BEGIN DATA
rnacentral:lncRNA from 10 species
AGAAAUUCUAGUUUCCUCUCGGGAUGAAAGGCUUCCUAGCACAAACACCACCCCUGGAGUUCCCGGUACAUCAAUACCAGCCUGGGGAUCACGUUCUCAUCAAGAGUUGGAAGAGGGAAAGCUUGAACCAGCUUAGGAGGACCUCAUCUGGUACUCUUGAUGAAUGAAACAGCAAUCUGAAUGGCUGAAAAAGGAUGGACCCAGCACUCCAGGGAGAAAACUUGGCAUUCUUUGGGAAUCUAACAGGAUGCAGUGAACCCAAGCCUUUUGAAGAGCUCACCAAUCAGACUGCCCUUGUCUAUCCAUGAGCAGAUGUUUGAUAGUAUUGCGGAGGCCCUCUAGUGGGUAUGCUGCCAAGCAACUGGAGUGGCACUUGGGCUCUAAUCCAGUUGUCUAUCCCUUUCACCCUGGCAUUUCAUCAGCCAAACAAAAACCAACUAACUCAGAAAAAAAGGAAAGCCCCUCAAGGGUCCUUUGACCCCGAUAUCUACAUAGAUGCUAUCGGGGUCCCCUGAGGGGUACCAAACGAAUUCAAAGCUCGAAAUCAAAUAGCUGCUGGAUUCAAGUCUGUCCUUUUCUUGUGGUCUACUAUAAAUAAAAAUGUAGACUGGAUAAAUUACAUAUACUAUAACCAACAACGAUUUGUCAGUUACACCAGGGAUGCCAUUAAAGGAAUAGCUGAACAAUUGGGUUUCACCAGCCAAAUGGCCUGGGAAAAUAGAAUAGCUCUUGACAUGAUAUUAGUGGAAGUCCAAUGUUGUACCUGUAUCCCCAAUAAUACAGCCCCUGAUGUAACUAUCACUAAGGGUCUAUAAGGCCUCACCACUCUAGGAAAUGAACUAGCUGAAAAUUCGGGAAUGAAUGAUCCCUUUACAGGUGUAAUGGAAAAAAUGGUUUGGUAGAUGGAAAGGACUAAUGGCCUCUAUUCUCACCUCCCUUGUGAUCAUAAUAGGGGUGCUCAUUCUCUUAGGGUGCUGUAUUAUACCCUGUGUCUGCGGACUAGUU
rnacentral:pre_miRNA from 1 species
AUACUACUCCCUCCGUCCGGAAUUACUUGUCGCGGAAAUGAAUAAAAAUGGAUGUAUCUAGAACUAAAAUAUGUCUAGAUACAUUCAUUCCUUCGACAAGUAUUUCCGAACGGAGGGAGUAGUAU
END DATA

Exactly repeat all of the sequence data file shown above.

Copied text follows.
rnacentral:lncRNA from 10 species
AGAAAUUCUAGUUUCCUCUCGGGAUGAAAGGCUUCCUAGCACAAACACCACCCCUGGAGUUCCCGGUACAUCAAUACCAGCCUGGGGAUCACGUUCUCAUCAAGAGUUGGAAGAGGGAAAGCUUGAACCAGCUUAGGAGGACCUCAUCUGGUACUCUUGAUGAAUGAAACAGCAAUCUGAAUGGCUGAAAAAGGAUGGACCCAGCACUCCAGGGAGAAAACUUGGCAUUCUUUGGGAAUCUAACAGGAUGCAGUGAACCCAAGCCUUUUGAAGAGCUCACCAAUCAGACUGCCCUUGUCUAUCCAUGAGCAGAUGUUUGAUAGUAUUGCGGAGGCCCUCUAGUGGGUAUGCUGCCAAGCAACUGGAGUGGCACUUGGGCUCUAAUCCAGUUGUCUAUCCCUUUCACCCUGGCAUUUCAUCAGCCAAACAAAAACCAACUAACUCAGAAAAAAAGGAAAGCCCCUCAAGGGUCCUUUGACCCCGAUAUCUACAUAGAUGCUAUCGGGGUCCCCUGAGGGGUACCAAACGAAUUCAAAGCUCGAAAUCAAAUAGCUGCUGGAUUCAAGUCUGUCCUUUUCUUGUGGUCUACUAUAAAUAAAAAUGUAGACUGGAUAAAUUACAUAUACUAUAACCAACAACGAUUUGUCAGUUACACCAGGGAUGCCAUUAAAGGAAUAGCUGAACAAUUGGGUUUCACCAGCCAAAUGGCCUGGGAAAAUAGAAUAGCUCUUGACAUGAUAUUAGUGGAAGUCCAAUGUUGUACCUGUAUCCCCAAUAAUACAGCCCCUGAUGUAACUAUCACUAAGGGUCUAUAAGGCCUCACCACUCUAGGAAAUGAACUAGCUGAAAAUUCGGGAAUGAAUGAUCCCUUUACAGGUGUAAUGGAAAAAAUGGUUUGGUAGAUGGAAAGGACUAAUGGCCUCUAUUCUCACCUCCCUUGUGAUCAUAAUAGGGGUGCUCAUUCUCUUAGGGUGCUGUAUUAUACCCUGUGUCUGCGGACUAGUU
rnacentral:pre_miRNA from 1 species
AUACUACUCCCUCCGUCCGGAAUUACUUGUCGCGGAAAUGAAUAAAAAUGGAUGUAUCUAGAACUAAAAUAUGUCUAGAUACAUUCAUUCCUUCGACAAGUAUUUCCGAACGGAGGGAGUAGUAU